Levon Helms singing Up On Cripple Creek

The likes of Dick Clark and Levon Helms live on in our memory and have shaped a little of who we are. In the electronic age we can revisit them but all the same when the die, we feel we have lost a little of what we once felt was a part of us. We miss them and we feel a little older.

Postscript: Levon Helms died today April 19. 2012. The Toronto Star had a nice article about him.


At 11:04 a.m., Anonymous Navigator said...

Here was a tribute written about the Hawk three years ago.

At 2:38 a.m., Blogger Gattina said...

These also were my great years, when I went dancing each Friday and Saturday !
in Belgium. General knowledge wise we all were quiet good. It was important.
We are also the first generation who created a style of music which is now imitated by our children and grandchildren !

At 12:03 p.m., Blogger possum said...

Somehow I cannot place Helms or his music. My connection with American music was limited, I guess. I preferred classical, Native American, and music from the Middle East. What a combination, eh?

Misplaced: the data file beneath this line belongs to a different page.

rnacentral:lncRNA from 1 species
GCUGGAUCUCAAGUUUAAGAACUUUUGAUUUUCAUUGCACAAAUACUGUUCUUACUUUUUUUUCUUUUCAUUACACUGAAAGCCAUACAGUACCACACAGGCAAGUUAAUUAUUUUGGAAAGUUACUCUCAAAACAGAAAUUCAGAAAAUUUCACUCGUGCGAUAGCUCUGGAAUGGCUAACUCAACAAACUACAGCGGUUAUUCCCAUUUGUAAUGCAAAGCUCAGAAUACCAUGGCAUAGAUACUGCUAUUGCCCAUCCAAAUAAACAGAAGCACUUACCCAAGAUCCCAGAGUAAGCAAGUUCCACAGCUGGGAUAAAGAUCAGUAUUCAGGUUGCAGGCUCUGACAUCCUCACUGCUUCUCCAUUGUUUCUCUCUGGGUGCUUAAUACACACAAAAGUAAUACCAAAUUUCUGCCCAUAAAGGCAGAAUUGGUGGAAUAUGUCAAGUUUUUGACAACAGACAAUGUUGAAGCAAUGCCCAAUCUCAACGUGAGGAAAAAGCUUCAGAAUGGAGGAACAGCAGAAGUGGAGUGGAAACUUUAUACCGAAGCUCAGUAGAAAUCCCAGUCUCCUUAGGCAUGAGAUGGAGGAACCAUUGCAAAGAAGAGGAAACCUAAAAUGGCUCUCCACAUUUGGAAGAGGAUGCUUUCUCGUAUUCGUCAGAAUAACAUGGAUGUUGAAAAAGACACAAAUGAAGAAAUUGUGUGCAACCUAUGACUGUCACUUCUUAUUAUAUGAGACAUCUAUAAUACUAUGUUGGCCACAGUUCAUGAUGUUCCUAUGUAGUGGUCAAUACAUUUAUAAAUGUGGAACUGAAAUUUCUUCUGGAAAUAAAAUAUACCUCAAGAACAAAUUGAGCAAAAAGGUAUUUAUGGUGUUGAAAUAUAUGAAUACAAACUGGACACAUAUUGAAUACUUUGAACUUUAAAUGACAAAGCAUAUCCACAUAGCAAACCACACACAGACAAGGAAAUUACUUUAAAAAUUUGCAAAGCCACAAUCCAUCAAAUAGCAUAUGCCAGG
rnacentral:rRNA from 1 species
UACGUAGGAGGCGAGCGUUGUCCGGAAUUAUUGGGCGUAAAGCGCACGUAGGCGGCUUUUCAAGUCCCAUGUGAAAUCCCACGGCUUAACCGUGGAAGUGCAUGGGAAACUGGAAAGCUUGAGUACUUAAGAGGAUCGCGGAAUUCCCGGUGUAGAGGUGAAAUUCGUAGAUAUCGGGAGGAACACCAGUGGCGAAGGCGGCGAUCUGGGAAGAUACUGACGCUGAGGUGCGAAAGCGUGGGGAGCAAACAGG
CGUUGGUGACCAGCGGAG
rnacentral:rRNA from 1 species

I do remember Paul Anka and Dick Clark!

At 3:14 p.m., Blogger Ginnie said...

Whenever I hear the music refrain from "American Bandstand" I find myself dancing along. At my age it's a good thing that noone else sees it !!

At 11:27 a.m., Blogger Owen Gray said...

The deaths of Levon Helms and Dick Clark marked the passing of an era, Philip.

To those of us who watched American Bandstand and who listened to "Up on Cripple Creek," an era is truly over.

At 8:16 a.m., Blogger judie said...

LOL I'm not laughing about The Stroll. It's their unmoving, stone faces. Afraid to smile. Afraid to hold hands. Lol so cute. Thanks for the great post. I am a long-time fan of The Band.

At 8:38 a.m., Blogger KGMom said...

Growing up outside the U.S. (and on another continent) I missed much of the Bandstand fun. And I never learned to dance. But I knew who Dick Clark was.

As for the past slipping away--yes, it is. Every day.